Hate and Its Remedy

by Jay Nordlinger

You have to be careful when using the word “tragedy.” A tragedy is different from an atrocity or crime, right? An earthquake is a tragedy, a genocide is something else.

That said, the brutalization, or “ethnic cleansing,” of the Rohingya people in Burma has an element of tragedy. I have written about this on the homepage, here.

Presiding over Burma, as civilian leader, is one of the heroines of our time: Aung San Suu Kyi. Nobel peace laureate, daughter of the nation, symbol of democracy everywhere. (I say “daughter of the nation” because her father, Aung San, is the country’s independence hero.) Her many admirers around the world are stunned at her callousness toward the horror in western Burma.

Obviously, I detail all this in my piece.

Thor Halvorssen is the founder of the Oslo Freedom Forum. In 2012, Aung San Suu Kyi traveled to America, where OFF was holding a special session in San Francisco. She received the group’s Václav Havel Prize for Creative Dissent. Incidentally, the late Czech leader nominated Aung San Suu Kyi for her Nobel Peace Prize.

I asked Halvorssen what he thought about this great lady and the Rohingya. He wrote the following:

Ultimately what one sees in her behavior, beyond a lack of integrity, an excess of political calculation, and a ruthless will to extend her time in office, is a tragic lack of understanding of what love is. If she demonstrated her love for the Rohingya she could overpower any local prejudice and any long-running cultural tradition to oppress them.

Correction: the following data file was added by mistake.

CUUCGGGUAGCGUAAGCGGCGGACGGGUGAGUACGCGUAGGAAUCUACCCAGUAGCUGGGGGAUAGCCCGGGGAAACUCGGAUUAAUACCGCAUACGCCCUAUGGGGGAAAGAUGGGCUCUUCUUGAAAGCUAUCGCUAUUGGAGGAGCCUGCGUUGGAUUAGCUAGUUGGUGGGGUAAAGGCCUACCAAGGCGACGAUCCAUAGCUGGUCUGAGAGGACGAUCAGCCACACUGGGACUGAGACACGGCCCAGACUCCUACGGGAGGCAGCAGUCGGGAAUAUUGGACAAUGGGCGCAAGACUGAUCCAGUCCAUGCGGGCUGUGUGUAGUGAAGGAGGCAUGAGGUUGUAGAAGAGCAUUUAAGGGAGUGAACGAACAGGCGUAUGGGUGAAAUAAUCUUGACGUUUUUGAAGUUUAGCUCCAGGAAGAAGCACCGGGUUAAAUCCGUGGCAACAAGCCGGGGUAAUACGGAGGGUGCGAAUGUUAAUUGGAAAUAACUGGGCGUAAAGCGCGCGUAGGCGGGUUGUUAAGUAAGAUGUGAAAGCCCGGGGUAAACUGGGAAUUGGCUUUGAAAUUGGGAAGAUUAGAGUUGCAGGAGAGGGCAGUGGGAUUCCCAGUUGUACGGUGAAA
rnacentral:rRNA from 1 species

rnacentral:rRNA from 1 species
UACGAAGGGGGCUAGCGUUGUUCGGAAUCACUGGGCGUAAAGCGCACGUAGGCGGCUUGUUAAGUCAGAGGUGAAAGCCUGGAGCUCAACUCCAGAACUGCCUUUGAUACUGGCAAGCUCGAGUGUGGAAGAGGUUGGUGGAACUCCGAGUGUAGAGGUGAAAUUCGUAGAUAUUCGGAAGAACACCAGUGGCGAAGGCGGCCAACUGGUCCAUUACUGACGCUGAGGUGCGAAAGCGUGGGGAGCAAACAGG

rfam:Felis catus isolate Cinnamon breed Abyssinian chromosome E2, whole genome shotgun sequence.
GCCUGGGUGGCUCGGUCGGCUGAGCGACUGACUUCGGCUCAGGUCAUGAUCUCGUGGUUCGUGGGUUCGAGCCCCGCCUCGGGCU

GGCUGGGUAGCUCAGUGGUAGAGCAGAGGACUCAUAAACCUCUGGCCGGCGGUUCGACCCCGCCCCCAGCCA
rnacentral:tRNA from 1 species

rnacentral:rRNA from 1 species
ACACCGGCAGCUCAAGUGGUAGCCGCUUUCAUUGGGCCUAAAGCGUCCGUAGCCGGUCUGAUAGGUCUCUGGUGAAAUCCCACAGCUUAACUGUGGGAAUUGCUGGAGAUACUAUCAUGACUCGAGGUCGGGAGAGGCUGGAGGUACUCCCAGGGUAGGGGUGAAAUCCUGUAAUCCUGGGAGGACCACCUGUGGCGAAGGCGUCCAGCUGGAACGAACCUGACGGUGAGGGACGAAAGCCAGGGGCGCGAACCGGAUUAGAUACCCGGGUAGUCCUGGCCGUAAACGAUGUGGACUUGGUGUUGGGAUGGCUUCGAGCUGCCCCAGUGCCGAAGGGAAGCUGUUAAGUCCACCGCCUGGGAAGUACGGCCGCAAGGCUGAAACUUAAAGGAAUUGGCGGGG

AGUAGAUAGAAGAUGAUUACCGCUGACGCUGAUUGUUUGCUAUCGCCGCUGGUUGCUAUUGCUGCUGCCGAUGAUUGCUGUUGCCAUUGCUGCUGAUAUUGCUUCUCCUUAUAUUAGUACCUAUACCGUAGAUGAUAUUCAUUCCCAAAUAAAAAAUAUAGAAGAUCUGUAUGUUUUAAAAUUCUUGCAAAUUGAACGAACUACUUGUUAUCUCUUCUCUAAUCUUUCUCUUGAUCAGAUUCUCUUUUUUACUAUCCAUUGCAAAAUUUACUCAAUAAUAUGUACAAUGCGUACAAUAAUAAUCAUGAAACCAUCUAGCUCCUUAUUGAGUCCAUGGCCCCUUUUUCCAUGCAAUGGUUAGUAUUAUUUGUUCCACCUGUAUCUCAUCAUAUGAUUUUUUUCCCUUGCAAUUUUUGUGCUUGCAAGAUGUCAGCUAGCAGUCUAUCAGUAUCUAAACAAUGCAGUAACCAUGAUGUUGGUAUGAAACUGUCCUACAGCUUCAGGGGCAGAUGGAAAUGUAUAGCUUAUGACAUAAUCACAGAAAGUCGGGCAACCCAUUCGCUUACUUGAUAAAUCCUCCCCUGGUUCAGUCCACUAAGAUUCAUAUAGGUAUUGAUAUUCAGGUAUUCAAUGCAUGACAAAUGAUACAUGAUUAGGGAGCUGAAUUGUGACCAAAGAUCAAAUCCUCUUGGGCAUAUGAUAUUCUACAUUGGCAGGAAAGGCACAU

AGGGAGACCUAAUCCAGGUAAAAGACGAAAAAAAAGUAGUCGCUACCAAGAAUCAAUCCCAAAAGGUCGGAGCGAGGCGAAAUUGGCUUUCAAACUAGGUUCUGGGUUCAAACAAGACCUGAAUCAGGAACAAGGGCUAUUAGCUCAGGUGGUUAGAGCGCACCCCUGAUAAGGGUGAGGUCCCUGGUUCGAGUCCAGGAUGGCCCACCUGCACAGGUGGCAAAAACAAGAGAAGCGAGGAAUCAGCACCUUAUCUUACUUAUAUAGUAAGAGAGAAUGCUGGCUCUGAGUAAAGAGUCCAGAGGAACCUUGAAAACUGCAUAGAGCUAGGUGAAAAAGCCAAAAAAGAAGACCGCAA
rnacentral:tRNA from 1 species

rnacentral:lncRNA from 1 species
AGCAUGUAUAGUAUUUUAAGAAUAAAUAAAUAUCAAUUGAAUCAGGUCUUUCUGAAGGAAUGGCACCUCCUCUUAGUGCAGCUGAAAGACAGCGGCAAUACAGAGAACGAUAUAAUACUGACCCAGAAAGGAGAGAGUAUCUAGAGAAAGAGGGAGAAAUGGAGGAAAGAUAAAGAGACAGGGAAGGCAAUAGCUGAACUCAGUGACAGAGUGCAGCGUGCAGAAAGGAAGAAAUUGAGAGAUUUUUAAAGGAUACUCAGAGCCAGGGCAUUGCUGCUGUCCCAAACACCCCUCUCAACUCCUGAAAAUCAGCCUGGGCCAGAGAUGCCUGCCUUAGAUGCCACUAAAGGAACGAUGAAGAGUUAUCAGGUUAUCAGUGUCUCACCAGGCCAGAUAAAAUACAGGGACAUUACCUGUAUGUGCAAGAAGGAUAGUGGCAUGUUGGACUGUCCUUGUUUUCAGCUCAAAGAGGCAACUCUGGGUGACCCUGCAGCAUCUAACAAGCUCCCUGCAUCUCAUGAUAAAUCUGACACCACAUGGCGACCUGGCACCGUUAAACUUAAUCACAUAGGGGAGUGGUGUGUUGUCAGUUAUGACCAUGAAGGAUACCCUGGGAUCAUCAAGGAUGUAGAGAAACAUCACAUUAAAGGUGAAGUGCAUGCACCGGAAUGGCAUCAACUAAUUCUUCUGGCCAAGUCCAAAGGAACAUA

Love is more powerful than any other force in the universe. It was love that allowed Armando Valladares to survive 22 years in prison and come out of it a formidable man. It was love that allowed Nelson Mandela to suffer 26 years in prison under the brutal apartheid dictatorship. Love would have propelled Aung San Suu Kyi to lead her people away from this massacre and pit them against the killers — the military — as opposed to cover up the slaughter of defenseless women and children. But she chose not risking a lack of popularity over love. She lost herself.

This doesn’t mean she cannot redeem herself. However, she has displayed the behavior of a politician. She has made an alliance with the dictatorship in order to guarantee her political survival.

I once asked a Venezuelan politician who identifies with the opposition why he would accept financing from corrupt cronies of the very government he opposes. He responded as if there were a landmark in the desert that says it is better to drink foul water than to die of thirst. Sadly, this self-intoxicating misery is fallacious. You may not die of thirst but you will definitely die from poisoning, and probably sooner. Valladares, Mandela, Solzhenitsyn, Sakharov, Havel never drank this poison and they never died of thirst.

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